I raced the K-Factor in a 40K time trial in July (my first TT ever) and did good enough to capture second in my category.  I used a wheel cover on my rear wheel and had no problem controlling the bike in crosswind. It’s an incredibly stable TT bike. I’ve also ridden several centuries on the bike in preparation for the Texas Time Trials. I find the bike very comfortable for long-distance-hammering. The carbon frame helps smooth out the rough stuff and I’ve been able to find an aggressive, yet comfortable position on the bike. I also like the narrow top tube, which doesn’t interfere with pedaling. It’s best to keep your knees in when pedaling a TT bike (more aero); however, in today’s world of larger and lighter carbon tubes, I’ve run into lots of frames where the top tube can be a nuisance (knees hitting the tube when pedaling). This is not a problem on the K-Factor.

Easton Attack Bar

I’m also really pleased with my Easton Attack integrated aero bar. It’s light (350 grams) and very stiff. However, there is no way to adjust the aero bars or arm pads, so make sure you like the fit before buying them. They’re actually so light that it takes a couple rides before you’re confident that they won’t just snap in your hands . . . they’re that light.

With a good set of carbon tubular wheels, this bike could be close to 16 pounds, which would be competitive with any TT bike on the market. There are definitely lighter, stiffer and more aero bikes on the market, but those frames alone cost $4,000+. For most riders, myself included, I don’t think the increased cost would justify the very small increase in performance.

Come on Kuota, send me a Kueen K and prove me wrong

Come on Kuota, send me a Kueen K and prove me wrong

However, if Kuota wants to send me a Kueen K to prove my wrong, I’ll give it a try.

If you’re a triathlete or road racer still time trialing on a conventional road bike or a road bike with clip-on aero bars, and you’re wondering if a TT bike is worth it . . . in the words of Ferris Bueller

“If you have the means, I highly recommend picking one up.”

A TT bike is easily worth 2 mph. It’s that simple. Ride the bike enough to be comfortable on it . . . let your muscles adapt . . .and you can ride 2 mph faster at the same level of effort. actually has a great video that details the benefits of a TT bike. Additionally, that benefit only increases as you go faster (since wind resistance increases exponentially with speed). So if what you can afford is a Kuota K-Factor, I’m guessing that you won’t be disappointed.

Bicycle ride down memory lane

Cowtown Classic

Assuming it’s not pouring down rain (which unfortunately looks like the case) I’m riding the Cowtown Classic tomorrow on my TT bike as prep for the Texas Time Trials.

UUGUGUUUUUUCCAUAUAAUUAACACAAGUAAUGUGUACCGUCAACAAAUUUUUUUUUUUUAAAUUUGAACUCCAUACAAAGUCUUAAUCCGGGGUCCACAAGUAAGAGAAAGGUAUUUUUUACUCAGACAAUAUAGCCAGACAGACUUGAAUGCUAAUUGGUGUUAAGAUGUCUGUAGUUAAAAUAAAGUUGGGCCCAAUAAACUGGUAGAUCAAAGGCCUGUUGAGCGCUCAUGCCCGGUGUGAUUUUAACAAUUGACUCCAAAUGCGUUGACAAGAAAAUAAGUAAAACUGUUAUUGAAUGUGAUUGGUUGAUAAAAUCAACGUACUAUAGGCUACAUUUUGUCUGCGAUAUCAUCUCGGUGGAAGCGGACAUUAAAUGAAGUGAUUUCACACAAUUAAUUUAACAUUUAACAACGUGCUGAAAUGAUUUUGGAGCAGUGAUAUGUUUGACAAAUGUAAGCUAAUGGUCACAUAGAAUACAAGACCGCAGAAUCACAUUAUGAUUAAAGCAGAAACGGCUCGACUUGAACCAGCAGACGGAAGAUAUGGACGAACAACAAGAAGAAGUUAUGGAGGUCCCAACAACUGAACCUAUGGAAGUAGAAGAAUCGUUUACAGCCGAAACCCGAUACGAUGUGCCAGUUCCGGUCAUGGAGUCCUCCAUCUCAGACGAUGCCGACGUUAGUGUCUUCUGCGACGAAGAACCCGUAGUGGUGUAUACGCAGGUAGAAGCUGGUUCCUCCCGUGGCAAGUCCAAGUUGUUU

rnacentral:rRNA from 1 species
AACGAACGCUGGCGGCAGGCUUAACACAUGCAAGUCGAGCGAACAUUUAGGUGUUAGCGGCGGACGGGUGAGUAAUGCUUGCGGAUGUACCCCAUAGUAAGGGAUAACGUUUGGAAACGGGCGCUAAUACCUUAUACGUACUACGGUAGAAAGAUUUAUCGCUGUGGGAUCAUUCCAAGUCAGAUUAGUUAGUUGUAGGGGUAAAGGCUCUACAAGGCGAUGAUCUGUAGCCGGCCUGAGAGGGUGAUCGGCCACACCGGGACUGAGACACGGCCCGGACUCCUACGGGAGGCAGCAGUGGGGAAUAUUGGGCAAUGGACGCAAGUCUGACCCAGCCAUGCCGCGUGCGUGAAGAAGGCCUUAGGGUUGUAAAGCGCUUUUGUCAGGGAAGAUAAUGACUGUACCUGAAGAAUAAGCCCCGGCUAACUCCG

I did the Cowtown Classic last year on a single speed, but the pic above is from the Cowtown Classic in 2007. At that point I had been riding for just over a year and it was the last “event” I did in my ThinkCash kit (I joined Moritz shortly after that event). I’ve always thought green was my best color, which you can consider foreshadowing for an exciting announcement I’ll make in a few weeks. Let’s just say I’m “Thinking” green.

Countdown to the Texas Time Trials

Texas Time Trials

The Texas Time Trials are rapidly approaching and I’m starting to get pretty exicted. This is a very cool event that has:

  • 26.5 mile TT
  • 6 hour TT
  • 12 hour TT
  • 24 hour TT
  • 48 hour TT
  • 500 mile TT

Texas Time Trials course

That’s right, some folks will be riding on their bike for 500 miles, on a very hill (1,500 ft. of climbing per loop) 26.5 mile course. It’s tough enough that it is a qualifier for RAAM (Race Across America).

I’m not that crazy, so I’m competing in the 6 hour TT (although most of my teammates think I’m crazy for wanting to do a 6 hour TT). I actually pre-rode the course last weekend with a couple of teammates on my road bike. After much deliberation with my cycling crew, I think I’m going to compete on my TT bike (Kuota K-Factor). However, I have a “secret weapon” that I hope to post about soon.

So what’s my goal for a 6 hour TT? I think it’s going to take 120 miles to win my category. However, the loops are 26.5 miles. What gives? If you start a lap before the 6 hour cut-off, that last lap is a pro-rated lap. That means you need to ride the full 26.5 mile loop even if only 5 miles of it is going to count. I’m banking on riding 5 laps, or 132.5 miles no matter what. There’s no support for the event (other than your own crew), so I’ll be “crewing” for myself out of an ice chest on the side of the road at the start/finish line. Need to do a little math this weekend to decide just how many bottles, ClifBars, etc. I need to bring. The short answer – LOTS!

“Did I win?” or How to crash with style

As cyclist, we’ve all been there. The split second you know you are going to hit the asphalt . . . and it’s going to hurt. Most of us sit on the ground stunned for a few seconds after impact before surveying the damage (normally checking the bike first, then our own bodies). However, this racer in Tulsa was still focused on the finish and wanted to know if he crossed the line first. He’s smart, he kept his eye-on-the-prize, unlike the poor loser in the video below